Menstrual Hygiene Practices Among Adolescent Girls in Junior High Schools in Selected Communities of Ashanti Region, Ghana

  •  Alberta David Nsemo    
  •  Idang Neji Ojong    
  •  Ramatu Agambire    
  •  Regina Adu    
  •  Mercy Dankwah    


INTRODUCTION: Menstruation is a phenomenon unique to the females and menstrual hygiene is still a problem for adolescent girls especially in low and middle income countries particularly when attending school. This issue is insufficiently acknowledged and has not received adequate attention in the reproductive health sectors in developing countries including Ghana and its relationship with the achievement of Sustainable Development Goals (SDGs).

OBJECTIVES: This study examined the knowledge and practices of menstrual hygiene among adolescent girls, the cultural beliefs that influence menstrual hygiene practices, and the problems adolescent girls face in practicing menstrual hygiene.

METHODOLOGY: A quantitative research method using descriptive cross-sectional survey design was employed in the study. Using a multi-staged sampling technique, a sample size of 151 adolescents in Juniors High schools who had reached menarche was selected from four (4) schools located in Asamang, Sekyere south District of Ashanti region of Ghana. Data was collected through a researchers’ constructed and validated questionnaire titled “Adolescents knowledge and practice of menstrual hygiene questionnaire (AKPMHQ)”. Data was analysed using simple frequencies and percentages.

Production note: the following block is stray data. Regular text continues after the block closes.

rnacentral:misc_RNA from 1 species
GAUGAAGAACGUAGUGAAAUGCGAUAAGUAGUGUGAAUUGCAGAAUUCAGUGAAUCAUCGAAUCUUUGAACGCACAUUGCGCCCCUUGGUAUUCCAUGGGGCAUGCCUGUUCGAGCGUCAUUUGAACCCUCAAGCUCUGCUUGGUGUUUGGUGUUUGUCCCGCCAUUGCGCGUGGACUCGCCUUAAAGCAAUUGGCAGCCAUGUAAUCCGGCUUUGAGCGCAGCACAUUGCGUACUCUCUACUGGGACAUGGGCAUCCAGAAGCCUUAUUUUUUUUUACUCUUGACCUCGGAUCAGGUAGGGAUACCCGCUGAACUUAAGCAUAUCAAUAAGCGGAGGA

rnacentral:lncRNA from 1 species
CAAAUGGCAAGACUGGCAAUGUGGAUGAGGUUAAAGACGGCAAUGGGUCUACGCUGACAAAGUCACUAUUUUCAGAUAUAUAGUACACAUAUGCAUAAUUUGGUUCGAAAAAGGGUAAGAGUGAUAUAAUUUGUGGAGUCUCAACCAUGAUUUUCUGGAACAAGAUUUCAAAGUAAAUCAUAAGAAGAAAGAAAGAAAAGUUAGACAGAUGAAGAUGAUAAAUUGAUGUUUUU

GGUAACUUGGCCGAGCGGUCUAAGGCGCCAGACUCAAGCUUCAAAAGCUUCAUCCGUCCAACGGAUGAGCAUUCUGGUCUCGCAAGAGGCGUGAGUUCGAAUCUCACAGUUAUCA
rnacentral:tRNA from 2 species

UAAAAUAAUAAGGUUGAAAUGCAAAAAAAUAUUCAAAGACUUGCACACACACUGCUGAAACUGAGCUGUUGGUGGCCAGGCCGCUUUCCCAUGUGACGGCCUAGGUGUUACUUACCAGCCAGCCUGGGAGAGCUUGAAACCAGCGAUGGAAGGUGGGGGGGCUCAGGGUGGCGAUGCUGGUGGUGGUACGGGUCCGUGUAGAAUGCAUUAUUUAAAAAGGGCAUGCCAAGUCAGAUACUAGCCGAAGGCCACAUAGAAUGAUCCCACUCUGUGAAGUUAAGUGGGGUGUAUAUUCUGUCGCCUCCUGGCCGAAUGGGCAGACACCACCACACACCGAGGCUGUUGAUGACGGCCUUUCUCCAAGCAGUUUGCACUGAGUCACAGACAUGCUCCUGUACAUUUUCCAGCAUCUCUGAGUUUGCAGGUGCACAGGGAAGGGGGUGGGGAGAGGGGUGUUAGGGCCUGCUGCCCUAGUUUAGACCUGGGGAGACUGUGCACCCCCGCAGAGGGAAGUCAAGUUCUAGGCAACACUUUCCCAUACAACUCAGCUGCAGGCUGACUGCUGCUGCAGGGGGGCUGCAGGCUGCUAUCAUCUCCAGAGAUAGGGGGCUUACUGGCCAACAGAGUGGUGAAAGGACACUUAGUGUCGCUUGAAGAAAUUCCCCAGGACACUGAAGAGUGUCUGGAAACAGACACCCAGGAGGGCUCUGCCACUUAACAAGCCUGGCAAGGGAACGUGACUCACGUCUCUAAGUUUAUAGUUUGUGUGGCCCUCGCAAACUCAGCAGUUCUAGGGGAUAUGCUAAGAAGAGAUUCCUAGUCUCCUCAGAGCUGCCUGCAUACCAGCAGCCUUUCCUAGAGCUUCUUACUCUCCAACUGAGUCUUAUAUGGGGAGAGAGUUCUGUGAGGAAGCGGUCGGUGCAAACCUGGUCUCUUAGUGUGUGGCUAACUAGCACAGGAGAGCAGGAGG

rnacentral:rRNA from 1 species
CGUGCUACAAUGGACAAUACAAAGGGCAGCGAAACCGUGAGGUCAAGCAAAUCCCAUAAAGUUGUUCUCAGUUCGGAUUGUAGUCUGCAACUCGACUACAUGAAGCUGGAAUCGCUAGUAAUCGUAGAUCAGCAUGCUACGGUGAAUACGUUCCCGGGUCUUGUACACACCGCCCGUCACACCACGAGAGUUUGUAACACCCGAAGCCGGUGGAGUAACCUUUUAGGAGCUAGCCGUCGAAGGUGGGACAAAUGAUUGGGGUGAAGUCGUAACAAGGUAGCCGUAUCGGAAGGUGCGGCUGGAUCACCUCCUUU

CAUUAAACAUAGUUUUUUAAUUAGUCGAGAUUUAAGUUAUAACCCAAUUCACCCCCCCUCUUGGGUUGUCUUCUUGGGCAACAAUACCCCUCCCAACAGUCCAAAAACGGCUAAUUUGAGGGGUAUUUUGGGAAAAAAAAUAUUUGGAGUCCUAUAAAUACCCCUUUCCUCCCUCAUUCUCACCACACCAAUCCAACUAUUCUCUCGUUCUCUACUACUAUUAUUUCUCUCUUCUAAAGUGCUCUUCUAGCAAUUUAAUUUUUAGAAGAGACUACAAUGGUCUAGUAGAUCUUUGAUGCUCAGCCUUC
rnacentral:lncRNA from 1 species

RESULTS: The study revealed that 68(45%) of the girls were in the Junior High School three (JHS3) and 88(58.5%) of them ranged between 14-15 years. Most of them (74.2%) had pre-menarche education given by their family members. Most of the parents 94(62.3%) had secondary education. Majority of the girls practiced good menstrual hygiene. Their culture does not exert much influence on their knowledge and practices of menstrual hygiene. However, there were some myths which are not scientifically based. Most of the girls experience some challenges during menstruation such as lower abdominal pain 77(51.0%) and unavailability of facility in school to change during menstruation 61(40.4%).

CONCLUSION: The adolescent girls are knowledgeable about menstrual hygiene and also have good menstrual hygiene practices. However, there exist few cultural practices in the community that may have negative effect on their knowledge and practice of menstrual hygiene in the midst of some physical and social challenges experienced by the adolescents during menstruation.

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